Working with India to address human impact of climate change

15 November 2019
Partnering with Tata Institute of Social Sciences in India
Today the University of Sydney, Australia signed an MOU research agreement with Tata Institute of Social Sciences (TISS) in Mumbai to work on collaborative research around the flagship theme of 'Human Security in the Anthropocene'.

Signed by Dean of the University’s Faculty of Arts and Social Sciences, Professor Annamarie Jagose, and Acting Registrar of TISS Mr M. P. Balamurugan, the partnership builds on the existing collaboration the University has in place for joint research projects and student exchange opportunities.

“We are living through the Anthropocene, a geological age defined by the influence of humans on our environment. The impact of human action on the planet is starting to be felt unevenly across the world as we grapple variously with the fact that we may have irrevocably changed the world on which we live. Communities in both India and Australia are grappling with the very real consequences of climate change. There is no better time for researchers to work together across continents to find solutions to this global challenge,” Professor Jagose said.

“Academic partnerships are all about nurturing ideas and talent, and co-creating knowledge for the universal goals of equity and social justice. We see our partnership with the University of Sydney committed to achieving these goals through mutual exchange of students and faculty, and creating opportunities for excellence in varied academic fields,” Director of TISS, Professor Shalini Bharat said.

Communities in both India and Australia are grappling with the very real consequences of climate change.
Professor Annamarie Jagose


The University of Sydney will invest AU$100,000 (IND 4,900,000) a year over three years to support research collaborations under the multidisciplinary flagship theme. Researchers will work on collaborative projects to explore:

  • the social and environmental implications of climate change, including natural hazards and environmental migration
  • the impact of higher temperatures, drought and floods on rural communities
  • the stresses of climate change on city planning.

The MOU was signed during the University of Sydney’s delegation visit to India in November. It was the University’s largest ever international delegation with more than 60 staff traveling to India, and demonstrates the growing importance of the country to Australian universities. The University will also participate in high level meetings with IIT Bombay, Manipal Academy of Higher Education and the Indian Institute of Management in Calcutta and Bangalore to explore further partnership opportunities.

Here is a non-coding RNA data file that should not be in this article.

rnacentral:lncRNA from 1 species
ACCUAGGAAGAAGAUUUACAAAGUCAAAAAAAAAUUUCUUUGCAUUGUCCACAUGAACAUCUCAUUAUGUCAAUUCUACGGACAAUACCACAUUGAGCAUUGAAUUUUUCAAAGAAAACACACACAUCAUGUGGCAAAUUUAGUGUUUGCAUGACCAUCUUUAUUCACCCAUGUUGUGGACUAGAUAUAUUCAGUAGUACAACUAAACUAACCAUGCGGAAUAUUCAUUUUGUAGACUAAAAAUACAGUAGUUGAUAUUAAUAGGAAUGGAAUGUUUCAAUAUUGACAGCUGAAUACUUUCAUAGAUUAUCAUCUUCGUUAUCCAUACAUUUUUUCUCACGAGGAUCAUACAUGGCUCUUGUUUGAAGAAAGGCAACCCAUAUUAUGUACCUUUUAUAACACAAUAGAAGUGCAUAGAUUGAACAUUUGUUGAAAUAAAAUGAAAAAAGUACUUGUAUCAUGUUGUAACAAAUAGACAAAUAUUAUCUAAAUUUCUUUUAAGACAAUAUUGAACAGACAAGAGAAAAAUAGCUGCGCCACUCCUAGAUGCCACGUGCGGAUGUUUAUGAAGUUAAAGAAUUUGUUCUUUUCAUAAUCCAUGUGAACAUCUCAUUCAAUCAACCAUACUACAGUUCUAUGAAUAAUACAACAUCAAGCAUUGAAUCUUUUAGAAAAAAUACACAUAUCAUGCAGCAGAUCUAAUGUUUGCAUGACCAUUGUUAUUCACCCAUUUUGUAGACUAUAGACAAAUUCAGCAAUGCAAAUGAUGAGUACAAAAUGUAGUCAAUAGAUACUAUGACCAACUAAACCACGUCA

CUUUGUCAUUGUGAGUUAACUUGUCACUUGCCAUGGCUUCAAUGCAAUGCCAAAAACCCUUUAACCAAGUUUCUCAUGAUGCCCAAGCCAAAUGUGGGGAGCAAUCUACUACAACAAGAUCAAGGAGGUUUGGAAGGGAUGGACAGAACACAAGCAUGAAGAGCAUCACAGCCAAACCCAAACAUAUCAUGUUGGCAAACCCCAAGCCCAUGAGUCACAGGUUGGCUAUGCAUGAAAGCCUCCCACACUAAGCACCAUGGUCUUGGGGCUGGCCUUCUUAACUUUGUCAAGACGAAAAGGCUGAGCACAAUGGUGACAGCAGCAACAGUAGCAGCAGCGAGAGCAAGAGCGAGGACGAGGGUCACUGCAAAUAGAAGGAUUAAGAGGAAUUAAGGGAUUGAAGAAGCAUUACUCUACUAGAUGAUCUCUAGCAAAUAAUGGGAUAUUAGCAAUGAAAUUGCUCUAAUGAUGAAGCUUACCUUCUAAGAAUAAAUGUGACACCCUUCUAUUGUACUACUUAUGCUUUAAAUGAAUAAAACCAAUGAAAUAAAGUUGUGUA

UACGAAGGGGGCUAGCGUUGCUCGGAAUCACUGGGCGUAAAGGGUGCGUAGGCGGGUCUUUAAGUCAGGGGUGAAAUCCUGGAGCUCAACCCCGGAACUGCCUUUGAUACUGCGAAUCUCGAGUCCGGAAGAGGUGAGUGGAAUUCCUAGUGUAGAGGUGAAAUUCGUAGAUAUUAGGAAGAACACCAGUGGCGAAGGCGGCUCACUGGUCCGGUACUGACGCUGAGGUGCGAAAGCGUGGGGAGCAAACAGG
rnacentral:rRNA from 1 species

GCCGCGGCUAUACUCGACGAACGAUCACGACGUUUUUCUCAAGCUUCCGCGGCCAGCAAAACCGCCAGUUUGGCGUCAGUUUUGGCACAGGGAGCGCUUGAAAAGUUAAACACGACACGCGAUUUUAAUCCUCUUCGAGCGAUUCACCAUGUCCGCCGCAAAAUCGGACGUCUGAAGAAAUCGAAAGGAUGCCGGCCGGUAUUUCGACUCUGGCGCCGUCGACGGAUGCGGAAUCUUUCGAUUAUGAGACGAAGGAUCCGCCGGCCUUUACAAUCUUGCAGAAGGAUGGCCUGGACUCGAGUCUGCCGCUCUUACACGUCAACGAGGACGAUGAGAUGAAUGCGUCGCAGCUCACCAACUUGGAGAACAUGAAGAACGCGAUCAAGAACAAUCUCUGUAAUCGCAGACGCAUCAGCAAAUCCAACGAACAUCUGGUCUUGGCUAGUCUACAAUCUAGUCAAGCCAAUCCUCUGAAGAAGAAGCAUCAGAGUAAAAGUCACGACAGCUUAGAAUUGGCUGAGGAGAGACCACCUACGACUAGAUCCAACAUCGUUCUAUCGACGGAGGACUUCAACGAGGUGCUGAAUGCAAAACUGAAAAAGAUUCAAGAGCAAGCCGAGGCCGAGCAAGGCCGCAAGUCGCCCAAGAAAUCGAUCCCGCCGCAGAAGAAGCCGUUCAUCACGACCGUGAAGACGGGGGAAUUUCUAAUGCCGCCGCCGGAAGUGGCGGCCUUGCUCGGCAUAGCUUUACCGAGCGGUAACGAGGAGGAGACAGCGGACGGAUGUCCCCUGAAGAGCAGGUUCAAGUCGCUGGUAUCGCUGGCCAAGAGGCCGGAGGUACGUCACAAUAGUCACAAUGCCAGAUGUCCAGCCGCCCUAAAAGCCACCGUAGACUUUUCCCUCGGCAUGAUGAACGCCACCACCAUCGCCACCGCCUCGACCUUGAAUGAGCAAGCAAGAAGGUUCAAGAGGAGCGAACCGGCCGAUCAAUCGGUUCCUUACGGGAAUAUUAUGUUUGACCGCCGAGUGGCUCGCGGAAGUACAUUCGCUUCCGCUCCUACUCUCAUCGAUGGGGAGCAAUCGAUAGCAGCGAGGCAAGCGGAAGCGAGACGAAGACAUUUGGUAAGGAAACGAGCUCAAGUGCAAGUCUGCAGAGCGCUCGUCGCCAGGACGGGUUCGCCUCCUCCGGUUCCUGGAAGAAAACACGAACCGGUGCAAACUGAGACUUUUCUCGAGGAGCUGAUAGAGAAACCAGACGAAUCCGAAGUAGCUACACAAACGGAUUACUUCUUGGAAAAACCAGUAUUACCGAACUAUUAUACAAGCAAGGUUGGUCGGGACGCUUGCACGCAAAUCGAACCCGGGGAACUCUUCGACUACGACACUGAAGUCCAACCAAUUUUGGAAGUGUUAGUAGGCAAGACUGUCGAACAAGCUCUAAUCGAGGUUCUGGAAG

Communities in India will be among those to feel the effects of climate change first.
Professor Bill Pritchard

Bill Pritchard, Professor of Geography at the University of Sydney, will kickstart the partnership with TISS by giving a public talk at the campus on Monday 18 November about ‘Human Security and the Anthropocene: Indian inflections in the global climate change emergency’.

In his talk Professor Pritchard will argue the changes humans have made to the planet's physical processes will have their most devastating impact on populations who are poorer or highly dependent on close local relationships with the natural environment.

“Communities in India will be among those to feel the effects of climate change first. With 66 percent of the population living in rural areas, and an estimated 25 percent of these people living below the poverty line, we know these factors will make them more vulnerable to the impact of climate change. For these populations it is crucial to apply a human security lens when assessing climate change,” Professor Pritchard says. 

Currently there are around 60 University of Sydney academics doing research in or about India; our research collaborations with Indian partners are growing and we hope to accelerate that growth over the coming years. In 2015, Indian Institute of Technology Madras signed on as one of our 20 strategic partners.

The University is looking to develop priority partnerships with six Indian institutions we already have an existing relationship with, to develop deeper engagement in strategic areas of science and research. Each priority partner has been matched to multidisciplinary research themes.

Current strategic partnerships with institutions in India include:·      

Sitou Sally

Higher degree research student

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